BY AARON PATTERSON
Friday’s Federal Hockey League playoff game between the Danville Dashers and Dayton Demonz marked the 24th time the two teams had met this season. Nearly half the games they played this season were battles between the two most western teams in the league. And each time they met, the intensity grew.
Danville forward Kevin McCready likened each encounter to a war zone. The Dashers won a few battles during this season’s journey, but the Demonz ultimately won the war, ending the Dashers’ season on Friday with a 6-1 decision, and a three-game playoff series sweep.
McCready scored Danville’s lone goal of the night, and as the Poughkeepsie, NY native skated off the ice after being announced in front of the home crowd as the third star of the game, his emotions began to flow.
“For myself, it’s been a long year, coming from a team (Cape Cod) that folded and coming here,” McCready said. “I went to a team that, from the day I got here, everybody wanted to win. Everybody wanted to achieve more. Everybody wanted to achieve what nobody expected.
“Everybody’s goal is to win a championship. We fell short, but in our heads, we felt that could have been done. It was an emotional game for me because that’s the last game I’m ever going to play.”
It was McCready’s final professional hockey game before beginning a new journey as a member of the New York Police Department. After accomplishing his first goal of becoming a professional hockey player, he will now follow in his family’s footsteps joining his father, sister, grandfather, and cousin as a member of the police force.
It’s a family tradition, much like what the Dashers’ organization began building this season. Danville brought its core group of players back from its inaugural season of five wins, and finished with a much-improved 18 victories.
“This year, we had things right from the get-go, we didn’t have a change in coaching, we didn’t have a change in rosters,” Dashers coach Rob Schweyer said. “Last year, I think we had the highest team turnover (in the league). It was like a revolving door. This year, when you have a core unit, even if they’re not the most skilled individuals, you can build on systems.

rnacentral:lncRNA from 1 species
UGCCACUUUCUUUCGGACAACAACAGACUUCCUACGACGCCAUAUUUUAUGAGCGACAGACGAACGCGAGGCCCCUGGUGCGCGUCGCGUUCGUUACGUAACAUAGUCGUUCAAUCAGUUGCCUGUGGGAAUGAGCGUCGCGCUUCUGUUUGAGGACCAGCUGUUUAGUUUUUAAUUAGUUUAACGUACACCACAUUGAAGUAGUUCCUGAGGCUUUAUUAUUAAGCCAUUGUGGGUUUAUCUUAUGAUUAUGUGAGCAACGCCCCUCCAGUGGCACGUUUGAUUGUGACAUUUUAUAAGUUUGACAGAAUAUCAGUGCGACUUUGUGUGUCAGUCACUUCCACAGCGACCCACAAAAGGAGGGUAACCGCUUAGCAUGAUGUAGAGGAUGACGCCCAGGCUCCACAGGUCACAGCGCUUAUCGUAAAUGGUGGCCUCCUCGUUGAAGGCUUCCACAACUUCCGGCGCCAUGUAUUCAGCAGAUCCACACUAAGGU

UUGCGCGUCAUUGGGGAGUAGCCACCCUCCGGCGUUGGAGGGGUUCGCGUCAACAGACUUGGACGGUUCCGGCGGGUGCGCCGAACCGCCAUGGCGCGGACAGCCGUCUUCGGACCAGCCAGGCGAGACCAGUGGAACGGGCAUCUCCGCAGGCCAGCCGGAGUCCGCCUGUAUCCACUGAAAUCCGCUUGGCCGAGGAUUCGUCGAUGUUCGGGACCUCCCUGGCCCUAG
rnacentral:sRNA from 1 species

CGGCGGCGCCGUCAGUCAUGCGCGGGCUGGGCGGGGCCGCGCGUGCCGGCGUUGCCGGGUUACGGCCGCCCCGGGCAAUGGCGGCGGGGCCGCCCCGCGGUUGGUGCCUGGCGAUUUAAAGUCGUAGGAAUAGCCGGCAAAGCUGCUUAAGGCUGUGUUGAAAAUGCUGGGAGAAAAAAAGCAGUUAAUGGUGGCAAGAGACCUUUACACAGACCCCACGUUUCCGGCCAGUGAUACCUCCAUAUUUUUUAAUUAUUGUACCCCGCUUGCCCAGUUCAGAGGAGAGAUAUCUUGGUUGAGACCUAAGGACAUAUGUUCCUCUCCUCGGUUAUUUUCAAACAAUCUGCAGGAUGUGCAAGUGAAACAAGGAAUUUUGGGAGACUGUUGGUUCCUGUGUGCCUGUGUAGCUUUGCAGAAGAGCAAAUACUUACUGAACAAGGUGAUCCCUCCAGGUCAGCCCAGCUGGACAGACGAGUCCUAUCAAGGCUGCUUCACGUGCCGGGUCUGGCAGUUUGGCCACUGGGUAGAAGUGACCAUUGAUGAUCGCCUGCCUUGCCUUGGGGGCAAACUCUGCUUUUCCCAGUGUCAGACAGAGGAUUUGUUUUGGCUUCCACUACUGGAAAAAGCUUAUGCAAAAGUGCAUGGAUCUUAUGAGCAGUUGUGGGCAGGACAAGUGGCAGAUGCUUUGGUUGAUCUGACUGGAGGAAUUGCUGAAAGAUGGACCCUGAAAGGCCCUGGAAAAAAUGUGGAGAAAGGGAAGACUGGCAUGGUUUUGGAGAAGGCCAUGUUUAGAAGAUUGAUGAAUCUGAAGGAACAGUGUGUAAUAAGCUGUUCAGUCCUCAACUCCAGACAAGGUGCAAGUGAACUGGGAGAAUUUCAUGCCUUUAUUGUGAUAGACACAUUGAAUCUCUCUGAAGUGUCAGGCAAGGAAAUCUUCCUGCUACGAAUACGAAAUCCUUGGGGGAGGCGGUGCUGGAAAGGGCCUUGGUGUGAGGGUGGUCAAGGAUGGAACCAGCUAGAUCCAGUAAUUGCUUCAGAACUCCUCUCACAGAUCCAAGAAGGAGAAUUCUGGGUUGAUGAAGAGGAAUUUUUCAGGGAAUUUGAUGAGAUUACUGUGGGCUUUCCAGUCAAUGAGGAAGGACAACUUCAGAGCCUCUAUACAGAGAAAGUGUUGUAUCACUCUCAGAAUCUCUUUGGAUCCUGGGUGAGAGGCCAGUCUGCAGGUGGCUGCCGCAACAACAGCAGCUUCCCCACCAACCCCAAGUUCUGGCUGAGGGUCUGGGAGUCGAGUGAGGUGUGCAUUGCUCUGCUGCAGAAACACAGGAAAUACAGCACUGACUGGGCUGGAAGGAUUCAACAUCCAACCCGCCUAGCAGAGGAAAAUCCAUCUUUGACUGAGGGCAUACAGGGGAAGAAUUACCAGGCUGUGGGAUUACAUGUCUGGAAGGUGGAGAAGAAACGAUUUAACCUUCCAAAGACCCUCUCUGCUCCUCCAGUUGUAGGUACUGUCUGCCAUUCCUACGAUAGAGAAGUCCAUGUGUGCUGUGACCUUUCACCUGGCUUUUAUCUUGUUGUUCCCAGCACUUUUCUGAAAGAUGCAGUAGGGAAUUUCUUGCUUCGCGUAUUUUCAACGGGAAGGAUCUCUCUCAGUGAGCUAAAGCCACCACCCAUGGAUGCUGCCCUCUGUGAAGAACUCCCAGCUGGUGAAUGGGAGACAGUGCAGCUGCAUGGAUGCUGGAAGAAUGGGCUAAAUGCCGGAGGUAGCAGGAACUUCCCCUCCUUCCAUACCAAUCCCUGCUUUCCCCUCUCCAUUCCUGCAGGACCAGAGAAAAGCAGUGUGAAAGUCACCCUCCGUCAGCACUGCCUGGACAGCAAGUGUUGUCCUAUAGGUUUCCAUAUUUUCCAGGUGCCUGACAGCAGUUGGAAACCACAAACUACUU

“We built a family unit. I think the community saw that we were here to support the community as well as the community supporting us.”
Despite the loss, the Dashers made sure to give its final home crowd of nearly 1,000 a show worthy of cheering.
The Dashers realized, after going down 2-0 in the first period, that they were going to have to play a more physical game against the Demonz. That’s when forward Chris Affinati dropped gloves 11 minutes into the second period to battle with Dayton’s Brad Townsend. It was Danville’s first penalty of the game, and sparked life into both the teams and the crowd.
From there, the Palmer Arena was rocking, cheering on the physical play that resulted in a combined 13 additional penalties, including early exits by Danville’s Dustin Skinner and Dayton’s Ahmed Mahfouz.
“When a team is beating you on the scoreboard, you’ve got to kind of send a message and step up your physical play,” Affinati said. “No one really likes to get hit, and you can tell these guys are a really skilled team. They move the puck really well. They’ve got a lot of veterans and a lot of guys with a lot of skill. The only way to take them out of the play is to step up the physical game. I got the fight going because usually that changes the momentum of the game.”
The momentum changed briefly, but the Demonz doubled the score going up 6-0 until McCready found the back of the net with six minutes left in the game.
Dayton will go on to face the winner of Danbury and 1,000 Islands for the Commissioner’s Cup. Meanwhile, the Dashers will begin building on the momentum from an otherwise successful turnaround from a season ago.
Their goal during the offseason will be to become more invested in the community, build a roster worthy of contending, and continuing to build on the tradition it has envisioned for hockey in Danville.
“It was a huge turnaround from last year,” Affinati said. ”The big thing is the support from the community. We went from, one of my first games here we had like 50 fans to like 1,100 or 1,200 fans. That makes a huge difference. They welcomed us into the community. Being involved and seeing everybody, people coming up to you in the streets, it’s more of a family atmosphere and more of a welcoming place than it was last year.
“We’re building a tradition here, and you’ve got to start from scratch. You can only go up from where we were last year. I’m pretty excited and proud to be a part of a growing tradition here in Danville.”